Chuck Kaspar, professor in the Department of Bacteriology, has been named the faculty director of the Food Research Institute at the University of Wisconsin–Madison. He started the position on July 1.
The Food Research Institute (FRI), which was established at the University of Chicago in 1946 and moved to UW–Madison in 1966, is considered a leader in identifying and resolving food safety issues to meet community, government, and industry needs. The mission of the institute is to catalyze multidisciplinary and collaborative research on microbial foodborne pathogens and toxins and to provide training, outreach, and service to enhance the safety of the food supply.
Kaspar has been affiliated with FRI since he joined the UW–Madison faculty in 1992 as an assistant professor in the bacteriology department. His research program has largely focused on the transmission and evolution of two zoonotic pathogens associated with foodborne disease outbreaks: Enterohemorrhagic E. coli (EHEC) and Salmonella.
In the role of FRI director, Kaspar is responsible for providing leadership and vision for FRI, developing and maintaining connections with industry sponsors and government representatives, and growing funding for FRI programs and activities.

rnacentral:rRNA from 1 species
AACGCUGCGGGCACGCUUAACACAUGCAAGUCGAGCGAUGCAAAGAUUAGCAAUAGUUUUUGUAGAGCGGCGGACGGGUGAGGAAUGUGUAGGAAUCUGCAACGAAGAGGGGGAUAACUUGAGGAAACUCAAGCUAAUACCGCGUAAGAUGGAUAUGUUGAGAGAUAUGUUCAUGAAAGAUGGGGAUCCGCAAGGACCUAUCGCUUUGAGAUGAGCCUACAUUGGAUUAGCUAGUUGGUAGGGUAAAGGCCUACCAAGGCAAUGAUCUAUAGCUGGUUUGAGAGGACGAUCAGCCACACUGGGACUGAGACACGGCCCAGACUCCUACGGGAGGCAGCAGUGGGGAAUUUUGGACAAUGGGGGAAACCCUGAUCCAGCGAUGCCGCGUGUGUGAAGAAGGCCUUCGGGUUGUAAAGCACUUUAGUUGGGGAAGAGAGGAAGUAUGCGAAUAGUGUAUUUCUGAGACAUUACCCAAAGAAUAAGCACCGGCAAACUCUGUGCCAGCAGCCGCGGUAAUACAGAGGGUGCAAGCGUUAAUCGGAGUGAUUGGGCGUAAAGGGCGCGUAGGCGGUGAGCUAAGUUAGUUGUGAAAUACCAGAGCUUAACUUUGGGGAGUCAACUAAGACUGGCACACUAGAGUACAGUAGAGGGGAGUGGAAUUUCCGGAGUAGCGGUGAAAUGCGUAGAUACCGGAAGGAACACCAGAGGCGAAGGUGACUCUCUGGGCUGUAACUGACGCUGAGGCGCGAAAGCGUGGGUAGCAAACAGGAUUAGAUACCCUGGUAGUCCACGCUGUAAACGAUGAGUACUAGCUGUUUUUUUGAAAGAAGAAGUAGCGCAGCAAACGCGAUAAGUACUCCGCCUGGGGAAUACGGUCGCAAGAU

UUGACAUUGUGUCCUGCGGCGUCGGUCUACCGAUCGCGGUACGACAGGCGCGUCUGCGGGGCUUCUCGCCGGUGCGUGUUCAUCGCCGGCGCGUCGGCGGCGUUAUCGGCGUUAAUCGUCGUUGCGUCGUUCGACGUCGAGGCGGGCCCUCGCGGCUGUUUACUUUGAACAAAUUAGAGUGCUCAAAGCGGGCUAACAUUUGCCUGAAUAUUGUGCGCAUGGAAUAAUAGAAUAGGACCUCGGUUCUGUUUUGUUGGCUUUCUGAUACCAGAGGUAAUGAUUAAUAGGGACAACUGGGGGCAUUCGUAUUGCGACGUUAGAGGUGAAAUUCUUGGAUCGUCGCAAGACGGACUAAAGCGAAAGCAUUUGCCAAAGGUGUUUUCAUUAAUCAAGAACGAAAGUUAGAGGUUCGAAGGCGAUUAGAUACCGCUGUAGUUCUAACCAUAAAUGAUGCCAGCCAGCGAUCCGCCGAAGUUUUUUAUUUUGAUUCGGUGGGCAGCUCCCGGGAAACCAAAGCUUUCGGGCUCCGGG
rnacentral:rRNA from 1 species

“Chuck brings incredible leadership experience to the directorship as the former chair of Bacteriology,” says Doug Reinemann, CALS associate dean for extension and outreach. “Moreover, his past and continuing research and teaching strongly connect to food safety and the FRI mission.”
With the explosion of serious O157:H7 outbreaks in the 1990s to 2000s, including the tragic Jack-in-the-Box outbreak and the lesser-known UW-Madison stock pavilion outbreak, Kaspar became interested in how EHEC could live benignly in cattle, its natural reservoir. Over several decades, his lab has collected and studied the genomics of thousands of EHEC isolates from farms across Wisconsin. This work helped identify pre-harvest interventions to reduce transmission of EHEC between animals and species and investigated genomics and/or post-harvest strategies for EHEC reduction in apple cider, cheese, ground beef, pepperoni, romaine lettuce, and other foods.
Kaspar’s lab has long studied how Salmonella can adapt to survive under harsh conditions such as acid, desiccation, and heat. Recently, his group discovered that a single nucleotide change is sufficient to make Salmonella tolerant to bile salts and acids (which the pathogen encounters when infecting humans). Understanding how Salmonella (and potentially other bacteria) adapt to stressors at the molecular level will hopefully lead to targeted antimicrobial interventions that can block or bypass pathogen adaptation to environmental stresses.
The FRI director position was previously held for 13 years by Chuck Czuprynski, professor in the Department of Pathobiological Sciences, who recently stepped down and plans to remain involved in the institute.